It is clearly stated on the ANTS site that you may be asked for an official translation of your driving licence and the attestation des droits à conduire if they are not in French. This applies to all applicants, and there is no official word that British citizens are exempt from this step. However, I’ve heard mixed reports of British applicants being asked to translate documents – some have, some haven’t – so I am going to begin the application process without translating them and see how I get on. In the event that I am asked to provide translations, I will, of course, provide them.
Step 2: Connect or create an account on the ANTS website
To start the application process, sign into your France Connect account (or create an account if you don’t already have one) – this is the same account that you will have used for your French tax declaration and other official procedures.
Step 3: Start the application process
Once you’ve signed in, you can start the application process to exchange your licence.
Step 4: Fill in the application form
You can now fill in the application form. Remember not to just copy my own information – make sure that you select the right options depending on your own situation.
From hereon, you can click ‘enregister’ at any time to save your application and come back to it later – handy if, like me, you forgot to take your photos before starting the application process!
Step 5: Confirm your application
Be sure to verify that all information is correct at this point before continuing as the above information can’t be changed. Remember: if your permit has expired, been lost, or been stolen you must declare it at this stage. Click ‘valider’ when you are sure.
Step 6: Enter your personal information
You know what to do here!
Step 7: Confirm your address
Enter your address. You’ll also have the option at this stage to have your address automatically verified – meaning that you don’t need to provide proof of address – however, this option is only available if you hold an account with one of the listed state electricity or gas providers. My electricity provider is not on the list, so I didn’t select this option.
Step 8: Add your photo
Now you will be asked to add your photo. Simply enter the code on your photos (see the ‘prepare your documents’ section above for details on how to obtain this) – your photo will be automatically displayed along with the digital signature you entered at the time of taking the photos.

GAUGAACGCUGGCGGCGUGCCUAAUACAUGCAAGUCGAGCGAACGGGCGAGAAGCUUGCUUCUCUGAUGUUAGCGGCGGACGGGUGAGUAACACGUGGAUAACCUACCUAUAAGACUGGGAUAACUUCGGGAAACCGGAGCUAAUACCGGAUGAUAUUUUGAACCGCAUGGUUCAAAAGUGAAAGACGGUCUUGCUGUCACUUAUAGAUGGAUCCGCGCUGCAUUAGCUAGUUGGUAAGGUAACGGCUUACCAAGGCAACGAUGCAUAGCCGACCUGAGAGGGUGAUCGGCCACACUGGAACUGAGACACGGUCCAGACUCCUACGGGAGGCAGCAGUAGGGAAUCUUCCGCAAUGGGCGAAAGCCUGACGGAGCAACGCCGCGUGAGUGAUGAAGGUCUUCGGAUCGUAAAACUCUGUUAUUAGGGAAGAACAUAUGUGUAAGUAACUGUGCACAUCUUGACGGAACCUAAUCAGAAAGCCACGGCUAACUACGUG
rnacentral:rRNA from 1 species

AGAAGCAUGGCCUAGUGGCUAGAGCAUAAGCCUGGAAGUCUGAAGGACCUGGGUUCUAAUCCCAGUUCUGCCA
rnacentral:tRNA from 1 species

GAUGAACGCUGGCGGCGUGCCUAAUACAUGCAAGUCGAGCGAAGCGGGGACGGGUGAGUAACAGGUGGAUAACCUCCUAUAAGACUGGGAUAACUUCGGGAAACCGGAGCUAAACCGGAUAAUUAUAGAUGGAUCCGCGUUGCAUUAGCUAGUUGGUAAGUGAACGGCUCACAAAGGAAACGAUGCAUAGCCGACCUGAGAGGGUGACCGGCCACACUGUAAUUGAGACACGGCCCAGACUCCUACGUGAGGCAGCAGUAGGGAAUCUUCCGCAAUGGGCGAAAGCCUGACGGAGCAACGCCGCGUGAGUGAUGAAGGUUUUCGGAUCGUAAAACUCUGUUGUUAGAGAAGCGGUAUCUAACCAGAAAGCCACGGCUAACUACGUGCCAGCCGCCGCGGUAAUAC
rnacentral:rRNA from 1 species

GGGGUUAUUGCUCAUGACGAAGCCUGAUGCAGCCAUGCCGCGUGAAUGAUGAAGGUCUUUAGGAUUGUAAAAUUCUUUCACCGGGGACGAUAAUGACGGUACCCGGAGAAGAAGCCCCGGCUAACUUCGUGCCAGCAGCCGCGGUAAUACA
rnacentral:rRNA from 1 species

Step 9: Upload your supporting documents
Next, you will need to upload all the supporting documents. Remember that you may need to add additional documents to those that I have supplied, depending on your situation.
Click ‘joindre un fichier‘ to add a file – note that you can add more than one document up to the limit indicated on each one. However, you will need to attach one document, wait for it to upload, then attach the next one by clicking ‘joindre un fichier’ a second time.
At the bottom, there is space to add any additional documents. I chose to add two additional documents – the attestation de droits de conduire (my UK check code), which I hadn’t been asked for but it’s on the list of requirements, and also my certificate for my BE trailer licence, which again, wasn’t asked for. In my experience, it’s best to provide all documents that may potentially be needed to French officials, so I chose to include these just in case.
Step 10: Validate your application
Finally, make sure that your application is correct, and click ‘valider’ to send your application. You will then be invited to download and save a pdf copy of your ‘justicatif’ – make sure you save this!
What happens next?
Immediately after filing your application, you should receive a message by email or SMS (I received both) confirming that your application has been accepted. Shortly after, I received a second email and SMS saying that my application had been transmitted to the state – ‘demande transmise pour instruction‘. This email also invited me to download an attestation from my ANTS account permitting me to drive in the event that my licence had been lost or stolen. As this doesn’t relate to my situation, I didn’t do this, but if your current licence is expired or missing, make sure you do this – you will need to present this to the police in the event that you are pulled over and asked to present your driving licence.
What happens next? I’m expecting to be asked to send in my British licence and possibly to provide extra documents, potentially including translated copies of my driving licence and check code… but for now, I’ll just have to wait and see! Keep an eye out for the second instalment of this article, as and when I hear back from ANTS.
Driving in France
Whether you own a car in France, travel to France in your UK or EU-registered car, or hire a rental car – FrenchEntrée has all the need-to-know info about driving in France. Our Essential Reading articles will take you through buying, registering, and insuring your car, as well as offering tips and advice on driving and car ownership in France.